Analysing the time needed to achieve correct positioning of the eye-to-camera angle and scanning area in OCT measurements of 11 independent mouse eyes, we observed a highly significant (p<0.001) time benefit when using the rodent holder (figure 2). The time expended was almost three times higher (2.8×) when the animal was manually positioned and the angles of imaging were adjusted by moving the OCT camera.

Figure 2

Time to adjust the mouse's optic disc in a centric position for optical coherence tomography imaging with and without the rodent holder. Boxes and whiskers represent the mean, SD and minimum to maximum of results obtained while imaging 11 independent eyes (***p >0.001, Student's  t-test).

Furthermore, in our experience, the use of the holder seems to reduce the movement artefacts from breathing; however, this was not formally assessed.


For in vivo ocular imaging, especially retinal OCT and fundus imaging, a beam path through the middle of the pupil with an orthogonal angle to the target structure (eg, the retina) in all planes is an essential prerequisite for optimal image quality and reproducibility in longitudinal assessments. During live imaging, this can be obtained by modifying the angle of the camera, of the animal or both. Cameras for retinal imaging are often heavy, and the design of camera holders allowing movements in all planes and angles is challenging. Some OCT devices only allow movements in the vertical axis, so the adjustment of the angle as well as the horizontal and vertical axes has to be performed by moving the animal. An advantage of adjusting the beam-to-target angle by moving the animal is that the camera can be manoeuvred in the z-axis without changing the angle of imaging. This is not possible when the camera is moved from an angled position.

A remarkable strength of the proposed holder is that the rodent’s eye is the centre of rotation for rotations in both the axial and transverse planes (figure 3). By adjusting the position of the mouth piece that tightly holds the rodent’s head by the upper front teeth, which can be hooked over the bite bar, the eye can be positioned in the centre of the rotational pivot of the aluminium sheets and in the middle of the tube. Therefore, the beam-to-target angle can be adjusted by a manual rotation of the holder tube housing the animal. In most OCT systems, the camera can be moved along the visual axis of the camera to zoom into the eye and provide adjustments of the z-axis. Movements in the x-plane and y-plane can be performed using the pivot of the aluminium sheets of the holder, which is also slidable due to the rectangular excision at the end of the smaller aluminium sheet. If additional movements are needed (ie,  if the camera cannot be moved in the z-axis), the holder can be fixed on a simple xyz table. Our experiments demonstrate that this reduces the time needed to find the correct angle in all planes compared with angling of the camera. Considering an average imaging time of 2 min for high-resolution volume scans per eye, the time benefit of 30 s corresponds to a reduction of time needed for imaging by 25%. However, we have to acknowledge that, with the experience and training, imaging can also be performed without the use of a holder by just placing the animals on a stable platform if the camera can be moved and rotated in all angles and planes and operators may become quicker in adjusting the animal with practice. Overall, in our experience, the use of the holder has largely facilitated rodent imaging, reducing acquisition times and served to avoid having to readjust the animals or repeat the measurements due to movement or dislocation of the animal.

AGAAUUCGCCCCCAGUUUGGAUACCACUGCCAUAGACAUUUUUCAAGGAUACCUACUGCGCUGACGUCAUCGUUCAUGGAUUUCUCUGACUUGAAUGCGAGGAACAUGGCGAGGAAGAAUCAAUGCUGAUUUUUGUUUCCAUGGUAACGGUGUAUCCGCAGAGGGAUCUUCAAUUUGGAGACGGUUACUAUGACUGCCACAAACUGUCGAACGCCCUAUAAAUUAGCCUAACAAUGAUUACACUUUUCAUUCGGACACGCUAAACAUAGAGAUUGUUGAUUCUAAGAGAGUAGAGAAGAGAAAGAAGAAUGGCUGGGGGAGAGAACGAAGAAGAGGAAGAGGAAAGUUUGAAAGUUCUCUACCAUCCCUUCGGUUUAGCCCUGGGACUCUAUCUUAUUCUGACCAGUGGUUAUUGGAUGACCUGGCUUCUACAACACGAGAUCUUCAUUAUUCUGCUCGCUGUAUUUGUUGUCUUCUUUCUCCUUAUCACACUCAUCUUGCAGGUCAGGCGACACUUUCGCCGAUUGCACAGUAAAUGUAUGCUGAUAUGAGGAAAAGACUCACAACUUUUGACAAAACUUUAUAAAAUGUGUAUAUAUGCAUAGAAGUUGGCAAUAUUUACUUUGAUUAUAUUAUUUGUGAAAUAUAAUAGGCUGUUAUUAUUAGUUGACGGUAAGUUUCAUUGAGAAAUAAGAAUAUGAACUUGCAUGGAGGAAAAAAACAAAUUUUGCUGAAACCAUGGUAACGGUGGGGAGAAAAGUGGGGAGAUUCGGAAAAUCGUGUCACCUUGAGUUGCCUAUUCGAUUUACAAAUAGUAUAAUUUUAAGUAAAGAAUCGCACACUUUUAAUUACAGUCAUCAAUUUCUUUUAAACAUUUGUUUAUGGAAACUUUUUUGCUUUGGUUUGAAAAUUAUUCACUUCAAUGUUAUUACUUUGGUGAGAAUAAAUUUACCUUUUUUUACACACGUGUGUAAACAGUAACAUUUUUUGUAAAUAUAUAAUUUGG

Figure 3

Rotational axis around the rodent eye. Rotation in transverse plane (left) and in axial plane (right).

Another advantage of the device is that it includes an option for volatile anaesthesia. The combination of fixation of the mouth using the bite bar and volatile anaesthesia serves to reduce breathing artefacts during image acquisition. Furthermore in our experience, volatile anaesthesia (eg, inhalant isoflurane) is safer and easier to control than injectable anaesthesia (eg, ketamine-–xylazine),44 45 and serves to prevent premature awakening of rodents in case of longer acquisition times. This allows imaging for over 45 min, for example, for funduscopic imaging of fluorescence-labelled cells or complex OCT protocols. However, the combination of ketamine-–xylazine is also an effective anaesthesia method for small laboratory animals23 34 and in our experience, we have never encountered cataracts or corneal alterations during the first anaesthesia when performing OCT imaging. The method is safe, especially when using low dosages of xylazine (5 mg/kg).